Page:The ethics of Aristotle.djvu/198
Well then, that Imperfection of Self-Control is not Confirmed Viciousness is plain: and yet perhaps it is such in a way, because in one sense it is contrary to moral choice and in another the result of it: at all events, in respect of the actions, the case is much like what Demodocus said of the Miletians. "The people of Miletus are not fools, but they do just the kind of things that fools do;" and so they of Imperfect Self-Control are not unjust, but they do unjust acts.
But to resume. Since the man of Imperfect Self-Control is of such a character as to follow bodily pleasures in excess and in defiance of Right Reason, without acting on any deliberate conviction, whereas the man utterly destitute of Self-Control does act upon a conviction which rests on his natural inclination to follow after these pleasures; the former may be easily persuaded to a different course, but the latter not: for Virtue and Vice respectively preserve and corrupt the moral principle; now the motive is the principle or starting point in moral actions, just as axioms and postulates are in mathematics: and neither in morals nor mathematics is it Reason which is apt to teach the principle; but Excellence, either natural or acquired by custom, in holding right notions with respect to the principle. He who does this in morals is the man of Perfected Self-Mastery, and the contrary character is the man utterly destitute of Self-Control.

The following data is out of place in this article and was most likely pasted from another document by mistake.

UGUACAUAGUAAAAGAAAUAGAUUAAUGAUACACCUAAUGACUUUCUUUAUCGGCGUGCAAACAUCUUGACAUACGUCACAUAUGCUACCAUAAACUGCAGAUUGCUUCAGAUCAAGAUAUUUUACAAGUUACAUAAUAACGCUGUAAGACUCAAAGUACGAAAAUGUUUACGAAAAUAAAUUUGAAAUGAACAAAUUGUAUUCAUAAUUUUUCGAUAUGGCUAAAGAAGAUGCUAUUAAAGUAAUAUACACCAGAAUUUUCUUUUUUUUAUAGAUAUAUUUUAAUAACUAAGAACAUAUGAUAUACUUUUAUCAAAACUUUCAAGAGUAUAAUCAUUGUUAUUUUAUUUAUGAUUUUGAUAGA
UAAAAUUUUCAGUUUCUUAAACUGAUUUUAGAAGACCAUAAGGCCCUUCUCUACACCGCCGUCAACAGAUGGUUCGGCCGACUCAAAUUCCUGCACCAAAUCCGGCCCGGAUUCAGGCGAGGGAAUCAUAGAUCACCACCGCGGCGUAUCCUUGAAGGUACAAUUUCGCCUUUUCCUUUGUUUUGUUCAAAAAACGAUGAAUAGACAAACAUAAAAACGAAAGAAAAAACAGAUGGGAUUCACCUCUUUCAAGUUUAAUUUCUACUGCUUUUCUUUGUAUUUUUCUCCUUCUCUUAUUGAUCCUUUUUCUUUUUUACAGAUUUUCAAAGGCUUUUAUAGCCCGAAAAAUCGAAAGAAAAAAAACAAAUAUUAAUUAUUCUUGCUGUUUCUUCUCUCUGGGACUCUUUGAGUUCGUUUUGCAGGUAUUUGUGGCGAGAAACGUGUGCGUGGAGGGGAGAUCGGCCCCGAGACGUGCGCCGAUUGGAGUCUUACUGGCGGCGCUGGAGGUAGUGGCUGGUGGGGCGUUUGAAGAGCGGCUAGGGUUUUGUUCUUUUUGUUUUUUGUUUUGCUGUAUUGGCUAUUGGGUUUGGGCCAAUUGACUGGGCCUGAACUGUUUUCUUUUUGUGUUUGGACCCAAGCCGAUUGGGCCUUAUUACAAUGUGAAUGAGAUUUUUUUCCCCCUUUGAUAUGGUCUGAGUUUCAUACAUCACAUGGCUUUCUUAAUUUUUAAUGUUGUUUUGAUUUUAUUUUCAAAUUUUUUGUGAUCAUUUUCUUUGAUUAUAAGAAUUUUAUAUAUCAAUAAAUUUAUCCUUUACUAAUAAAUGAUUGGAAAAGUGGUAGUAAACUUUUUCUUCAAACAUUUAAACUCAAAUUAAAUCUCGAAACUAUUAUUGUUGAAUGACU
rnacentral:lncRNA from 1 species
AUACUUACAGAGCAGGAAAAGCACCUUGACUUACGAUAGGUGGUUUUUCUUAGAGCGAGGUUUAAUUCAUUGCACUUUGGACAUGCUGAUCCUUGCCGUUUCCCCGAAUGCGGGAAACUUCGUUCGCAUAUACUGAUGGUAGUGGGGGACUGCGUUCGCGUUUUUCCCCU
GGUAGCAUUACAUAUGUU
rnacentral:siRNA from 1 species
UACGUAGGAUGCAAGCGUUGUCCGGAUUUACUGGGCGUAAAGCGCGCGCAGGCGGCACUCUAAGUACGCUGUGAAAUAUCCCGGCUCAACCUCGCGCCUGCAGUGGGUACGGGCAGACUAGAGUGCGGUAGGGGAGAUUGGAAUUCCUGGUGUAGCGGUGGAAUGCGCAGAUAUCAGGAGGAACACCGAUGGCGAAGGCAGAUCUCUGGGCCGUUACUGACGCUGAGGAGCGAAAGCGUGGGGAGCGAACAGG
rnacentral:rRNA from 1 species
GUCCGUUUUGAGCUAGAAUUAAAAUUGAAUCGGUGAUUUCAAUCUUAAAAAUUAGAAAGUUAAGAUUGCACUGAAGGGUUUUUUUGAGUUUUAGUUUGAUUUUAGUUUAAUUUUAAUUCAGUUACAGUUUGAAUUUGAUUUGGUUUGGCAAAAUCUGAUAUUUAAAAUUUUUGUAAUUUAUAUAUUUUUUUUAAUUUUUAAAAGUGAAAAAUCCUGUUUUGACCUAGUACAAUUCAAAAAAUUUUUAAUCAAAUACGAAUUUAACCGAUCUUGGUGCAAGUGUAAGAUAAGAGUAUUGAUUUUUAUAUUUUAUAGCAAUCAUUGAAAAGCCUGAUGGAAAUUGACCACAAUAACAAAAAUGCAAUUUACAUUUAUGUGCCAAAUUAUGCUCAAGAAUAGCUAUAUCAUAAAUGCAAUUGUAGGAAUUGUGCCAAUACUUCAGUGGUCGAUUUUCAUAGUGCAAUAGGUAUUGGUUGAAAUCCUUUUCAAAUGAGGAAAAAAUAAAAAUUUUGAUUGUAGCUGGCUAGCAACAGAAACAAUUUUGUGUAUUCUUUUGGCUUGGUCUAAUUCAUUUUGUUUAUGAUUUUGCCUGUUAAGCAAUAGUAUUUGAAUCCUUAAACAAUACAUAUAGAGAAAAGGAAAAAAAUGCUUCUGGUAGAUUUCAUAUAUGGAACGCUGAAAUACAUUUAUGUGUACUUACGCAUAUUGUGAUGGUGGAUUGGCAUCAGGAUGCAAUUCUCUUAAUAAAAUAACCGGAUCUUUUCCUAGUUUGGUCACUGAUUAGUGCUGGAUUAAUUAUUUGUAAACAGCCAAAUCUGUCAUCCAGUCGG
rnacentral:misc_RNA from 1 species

Again, there is a character liable to be taken off his feet in defiance of Right Reason because of passion; whom passion so far masters as to prevent his acting in accordance with Right Reason, but not so far as to make him be convinced that it is his proper line to follow after such pleasures without limit: this character is the man of Imperfect Self-Control, better than he who is utterly destitute of it, and not a bad man simply and without qualification: because in him the highest and best part, i.e. principle, is preserved: and there is another character opposed to him who is apt to abide by his resolutions, and not to depart from them; at all events, not at the instigation of passion.